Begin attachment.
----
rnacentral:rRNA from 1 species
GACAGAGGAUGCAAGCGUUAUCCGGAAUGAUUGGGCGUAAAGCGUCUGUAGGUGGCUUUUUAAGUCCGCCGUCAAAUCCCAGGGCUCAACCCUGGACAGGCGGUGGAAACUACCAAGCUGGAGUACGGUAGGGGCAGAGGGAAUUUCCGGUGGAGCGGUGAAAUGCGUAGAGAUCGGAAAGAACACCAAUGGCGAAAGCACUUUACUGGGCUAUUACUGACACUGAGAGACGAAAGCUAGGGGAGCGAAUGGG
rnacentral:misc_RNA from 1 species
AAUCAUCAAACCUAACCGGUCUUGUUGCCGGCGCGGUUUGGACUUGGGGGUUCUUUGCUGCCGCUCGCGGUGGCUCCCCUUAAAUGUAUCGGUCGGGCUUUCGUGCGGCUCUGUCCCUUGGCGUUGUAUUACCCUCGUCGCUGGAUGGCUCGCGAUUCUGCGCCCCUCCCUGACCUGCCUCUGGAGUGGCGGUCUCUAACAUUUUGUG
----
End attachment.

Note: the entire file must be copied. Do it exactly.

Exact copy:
rnacentral:rRNA from 1 species
GACAGAGGAUGCAAGCGUUAUCCGGAAUGAUUGGGCGUAAAGCGUCUGUAGGUGGCUUUUUAAGUCCGCCGUCAAAUCCCAGGGCUCAACCCUGGACAGGCGGUGGAAACUACCAAGCUGGAGUACGGUAGGGGCAGAGGGAAUUUCCGGUGGAGCGGUGAAAUGCGUAGAGAUCGGAAAGAACACCAAUGGCGAAAGCACUUUACUGGGCUAUUACUGACACUGAGAGACGAAAGCUAGGGGAGCGAAUGGG
rnacentral:misc_RNA from 1 species
AAUCAUCAAACCUAACCGGUCUUGUUGCCGGCGCGGUUUGGACUUGGGGGUUCUUUGCUGCCGCUCGCGGUGGCUCCCCUUAAAUGUAUCGGUCGGGCUUUCGUGCGGCUCUGUCCCUUGGCGUUGUAUUACCCUCGUCGCUGGAUGGCUCGCGAUUCUGCGCCCCUCCCUGACCUGCCUCUGGAGUGGCGGUCUCUAACAUUUUGUG